Enslaved until 1671, when she was about eight years old, Everts was baptised on 29 March 1676 and on 5 November 1679 she married a fellow ‘free black’, Jackie Joy van Angola. The couple separated only eight months later (after he accused her of trying to poison him) but this union at least partly explains why she never married Bastiaan Colijn. Named as his ‘concubine’ from 1685 onwards, she had four children with him: Johannes (baptised on 26 December 1692), Johanna (baptised on 9 April 1694), Maria (baptised on 27 May 1696) and Evert (baptised on 3 October 1700).
While the Opgaafrolle reveal that Bastiaan Colijn’s possessions never amounted to much more than the flintlock, sword and pistol carried by all vrijburghers, Everts became an exceptionally wealthy woman in her own right. By the time of her death during the 1713 smallpox epidemic, her property included 60 morgen ‘aghter de Kloof in Tafel Valley na de seestrand toe’ (present-day Camps Bay), the farm De Mosselbanks Rivier in Durbanville, and Clavervalleij near Darling, not to mention 10 slaves overseen by a white knecht in her employ.
In her will, dated 8 June 1713, she named her children as her heirs (with Johannes and young Evert to live at Clavervalleij while Johanna would farm at Camps Bay). As for Bastiaan Colijn, she merely stipulated that her two older children, both not fathered by him (Jacobus Willemsz Ten Damme, born in 1679, and Cornelia Everina Kraak, born in 1682), should provide him ‘with food, drink and clothing as necessary’. After Ten Damme also succumbed to smallpox, however, his share of his mother’s estate was further sub-divided between his siblings, with 300 sheep, a wagon with 10 oxen, and a slave named Alexander van Madagascar specifically bequeathed to Johannes Colijn.
All in all, Johannes Colijn was a man of some substance when the new owner of Klein/Hoop op Constantia, Jan Jurgensz Cotze, died sometime before 1 May 1718 – the day on which Colijn married Cotze’s widow, Elsje van Hoff. And she, too, rather remarkably, was the daughter of a woman born into slavery around 1660, namely Margaretha Jans van de Caep, the halfslag daughter of Lijsbeth of Bengal and the vrijburgher Jan Coenraet Visser (we’ve met him before).
Having risen through the ranks to become the Slave Lodge’s first schoolmistress before her manumission at legal majority (22), Margaretha married the Norwegian vrijburgher Lambart van Hoff in 1685. Her half-sister, moreover, was Maria Hendricks who in 1690 married Johannes Pfeiffer, an enormously wealthy holder of the wine pacht (among other lucrative monopolies, as discussed here). In her will dated 13 April 1713, Hendricks named her niece Elsje as her universal heir, which no doubt added to the Constantia widow’s extreme eligibility – and Colijn was the man she chose.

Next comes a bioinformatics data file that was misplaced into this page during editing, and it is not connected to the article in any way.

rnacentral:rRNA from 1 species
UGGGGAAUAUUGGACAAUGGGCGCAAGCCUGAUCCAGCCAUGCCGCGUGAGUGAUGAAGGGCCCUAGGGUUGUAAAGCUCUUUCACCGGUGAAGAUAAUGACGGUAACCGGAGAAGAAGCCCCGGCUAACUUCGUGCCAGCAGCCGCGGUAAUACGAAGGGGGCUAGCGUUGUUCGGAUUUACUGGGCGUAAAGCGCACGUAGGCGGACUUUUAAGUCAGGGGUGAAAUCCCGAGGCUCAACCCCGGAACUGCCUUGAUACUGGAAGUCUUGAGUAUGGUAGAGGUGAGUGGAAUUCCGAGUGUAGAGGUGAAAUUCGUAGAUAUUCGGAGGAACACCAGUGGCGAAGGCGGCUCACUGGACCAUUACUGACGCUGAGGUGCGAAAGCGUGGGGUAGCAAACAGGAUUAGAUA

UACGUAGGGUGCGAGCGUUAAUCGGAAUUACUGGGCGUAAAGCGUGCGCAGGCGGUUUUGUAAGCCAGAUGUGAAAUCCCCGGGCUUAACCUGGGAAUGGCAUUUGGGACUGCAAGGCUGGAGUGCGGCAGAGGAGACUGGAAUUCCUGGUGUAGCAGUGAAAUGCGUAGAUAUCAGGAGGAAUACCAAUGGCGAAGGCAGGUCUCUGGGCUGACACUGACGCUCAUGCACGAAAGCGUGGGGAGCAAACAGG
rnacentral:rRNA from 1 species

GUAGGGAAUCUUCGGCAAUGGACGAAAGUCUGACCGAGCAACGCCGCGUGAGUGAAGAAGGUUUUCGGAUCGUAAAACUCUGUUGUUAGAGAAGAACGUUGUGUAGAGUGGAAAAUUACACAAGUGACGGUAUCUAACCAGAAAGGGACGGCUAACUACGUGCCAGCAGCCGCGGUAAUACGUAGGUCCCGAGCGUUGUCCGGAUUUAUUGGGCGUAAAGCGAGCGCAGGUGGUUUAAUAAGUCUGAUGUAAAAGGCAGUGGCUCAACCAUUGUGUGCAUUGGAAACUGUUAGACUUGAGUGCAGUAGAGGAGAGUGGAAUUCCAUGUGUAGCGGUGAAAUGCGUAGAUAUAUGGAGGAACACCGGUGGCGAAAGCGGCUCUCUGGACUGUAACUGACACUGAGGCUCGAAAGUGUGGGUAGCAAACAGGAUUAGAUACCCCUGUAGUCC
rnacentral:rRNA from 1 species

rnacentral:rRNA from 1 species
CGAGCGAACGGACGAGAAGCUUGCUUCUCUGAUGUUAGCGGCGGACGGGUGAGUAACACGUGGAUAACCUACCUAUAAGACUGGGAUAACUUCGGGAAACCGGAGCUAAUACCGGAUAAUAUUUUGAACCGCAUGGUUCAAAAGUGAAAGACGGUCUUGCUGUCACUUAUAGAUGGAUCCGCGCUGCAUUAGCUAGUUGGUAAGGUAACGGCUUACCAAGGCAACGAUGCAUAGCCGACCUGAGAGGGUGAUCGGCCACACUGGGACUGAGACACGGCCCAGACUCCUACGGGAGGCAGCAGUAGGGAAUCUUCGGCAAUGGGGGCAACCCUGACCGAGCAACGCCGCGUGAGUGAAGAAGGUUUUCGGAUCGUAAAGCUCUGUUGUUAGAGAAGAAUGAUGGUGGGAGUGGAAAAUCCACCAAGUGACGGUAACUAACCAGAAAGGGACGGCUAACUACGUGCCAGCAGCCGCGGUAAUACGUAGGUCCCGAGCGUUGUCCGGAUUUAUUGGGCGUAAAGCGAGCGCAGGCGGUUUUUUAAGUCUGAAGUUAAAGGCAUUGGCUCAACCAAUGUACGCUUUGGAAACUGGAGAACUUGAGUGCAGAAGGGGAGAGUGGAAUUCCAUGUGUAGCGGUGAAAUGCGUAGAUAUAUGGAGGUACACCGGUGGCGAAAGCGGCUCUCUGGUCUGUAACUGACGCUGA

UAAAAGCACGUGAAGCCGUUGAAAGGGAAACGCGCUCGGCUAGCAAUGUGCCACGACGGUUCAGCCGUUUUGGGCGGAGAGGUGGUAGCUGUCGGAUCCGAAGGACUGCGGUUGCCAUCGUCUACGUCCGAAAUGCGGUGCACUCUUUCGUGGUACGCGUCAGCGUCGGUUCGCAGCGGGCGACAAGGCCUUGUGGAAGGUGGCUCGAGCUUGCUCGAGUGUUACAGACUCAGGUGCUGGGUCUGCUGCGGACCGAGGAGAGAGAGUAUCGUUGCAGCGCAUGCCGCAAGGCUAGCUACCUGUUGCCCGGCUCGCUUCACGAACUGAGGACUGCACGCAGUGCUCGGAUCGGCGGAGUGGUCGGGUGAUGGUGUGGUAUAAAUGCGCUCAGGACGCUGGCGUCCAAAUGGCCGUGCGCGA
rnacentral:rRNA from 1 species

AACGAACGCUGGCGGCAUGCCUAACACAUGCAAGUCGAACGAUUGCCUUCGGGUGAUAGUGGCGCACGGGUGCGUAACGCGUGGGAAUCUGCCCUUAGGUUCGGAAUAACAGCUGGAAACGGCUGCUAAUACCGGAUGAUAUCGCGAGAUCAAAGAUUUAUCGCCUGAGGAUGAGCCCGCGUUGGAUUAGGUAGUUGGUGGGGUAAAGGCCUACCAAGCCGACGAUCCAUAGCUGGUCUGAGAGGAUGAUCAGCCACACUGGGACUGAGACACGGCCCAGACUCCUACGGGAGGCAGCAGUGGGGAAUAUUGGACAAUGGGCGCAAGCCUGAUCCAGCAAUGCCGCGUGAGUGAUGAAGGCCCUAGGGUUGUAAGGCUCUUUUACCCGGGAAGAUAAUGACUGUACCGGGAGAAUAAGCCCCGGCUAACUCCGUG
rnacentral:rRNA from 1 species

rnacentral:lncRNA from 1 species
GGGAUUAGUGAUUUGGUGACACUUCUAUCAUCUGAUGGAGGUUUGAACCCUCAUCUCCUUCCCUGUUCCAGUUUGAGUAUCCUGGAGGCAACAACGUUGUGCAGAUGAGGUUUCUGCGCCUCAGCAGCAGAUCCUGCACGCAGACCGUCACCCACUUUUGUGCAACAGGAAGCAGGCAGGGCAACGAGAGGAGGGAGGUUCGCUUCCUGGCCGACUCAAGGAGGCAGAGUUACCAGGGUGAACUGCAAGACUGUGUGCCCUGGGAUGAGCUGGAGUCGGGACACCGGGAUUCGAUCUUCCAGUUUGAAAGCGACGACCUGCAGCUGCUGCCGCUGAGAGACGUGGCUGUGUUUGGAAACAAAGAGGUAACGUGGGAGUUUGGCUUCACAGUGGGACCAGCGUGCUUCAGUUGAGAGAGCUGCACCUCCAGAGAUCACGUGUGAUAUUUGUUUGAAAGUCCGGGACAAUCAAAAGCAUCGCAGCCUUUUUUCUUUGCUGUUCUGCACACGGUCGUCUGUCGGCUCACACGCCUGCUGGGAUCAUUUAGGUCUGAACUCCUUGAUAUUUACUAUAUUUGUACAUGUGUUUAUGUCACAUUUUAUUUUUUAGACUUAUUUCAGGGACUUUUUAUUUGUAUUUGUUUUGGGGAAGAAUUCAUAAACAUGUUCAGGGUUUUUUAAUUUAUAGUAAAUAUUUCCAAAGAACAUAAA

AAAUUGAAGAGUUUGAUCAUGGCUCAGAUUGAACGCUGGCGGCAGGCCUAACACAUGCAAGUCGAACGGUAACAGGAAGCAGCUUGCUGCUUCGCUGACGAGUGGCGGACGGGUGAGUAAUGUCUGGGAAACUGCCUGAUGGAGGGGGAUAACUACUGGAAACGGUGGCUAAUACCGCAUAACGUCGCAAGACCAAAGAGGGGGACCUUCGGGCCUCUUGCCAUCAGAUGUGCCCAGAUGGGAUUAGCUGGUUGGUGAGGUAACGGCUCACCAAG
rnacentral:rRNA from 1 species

Sadly she died sometime before 23 September 1724, which is when Colijn (who inherited Klein/Hoop op Constantia alongside his step-son ‘Jan Coetsie’) married his second wife, Johanna Appel, the daughter of Ferdinandus Appel and Levina Cloete.
Yes, indeed, Johanna Appel was the first cousin of Hendrik Cloete, the man who would purchase Groot Constantia for just 60,000 guilders in 1778 (two years after Colijn’s son, Johannes Nicolaas, purchased Klein/Hoop op Constantia ‘very cheaply from his parents’ for 61,680 guilders – a noteworthy price comparison given that Groot was still five times larger than Klein/Hoop).
A lot had happened in the meantime (kicking off with the ‘coloured’ Colijn siblings as master and mistress, respectively, of the two celebrated Constantia vineyards) but for now it suffices to say that, from 1778 onwards, Colijns and Cloetes farmed alongside each other, both producing the world-famous Constantia wine, right through British occupation (when the authorities recorded how much more co-operative Mr Colyn was with supplying Constantia wine than the ‘morose, uncouth, and churlish’ Mr Cloete with his ‘groundless representations’) and right through the glory years, until both families were declared bankrupt (in 1857 and 1872 respectively).
I find it bewildering that the Colijn story continues, by and large, to be ‘whitewashed’ out of South African wine history when surely, in these more enlightened times, it should be celebrated? I can only hope that this column, on this platform, remedies the situation to some small extent.
Burman, Jose: Wine of Constantia, p31 (Human & Rousseau, Cape Town, 1979)
Malherbe, VC: ‘Illegitimacy and Family Formation in Colonial Cape Town, to c.1850’, Journal of Social History, Vol. 34, No. 4 (Oxford University Press, 2006)
Van der Merwe, MPS: Die Aaldaagse Lewe op Groot Constantia tussen die Jare 1685 – 1885 (unpublished MA thesis, University of Stellenbosch, 1987)
- Joanne Gibson has been a journalist, specialising in wine, for over two decades. She holds a Level 4 Diploma from the Wine & Spirit Education Trust and has won both the Du Toitskloof and Franschhoek Literary Festival Wine Writer of the Year awards, not to mention being shortlisted four times in the Louis Roederer International Wine Writers’ Awards. As a sought-after freelance writer and copy editor, her passion is digging up nuggets of SA wine history.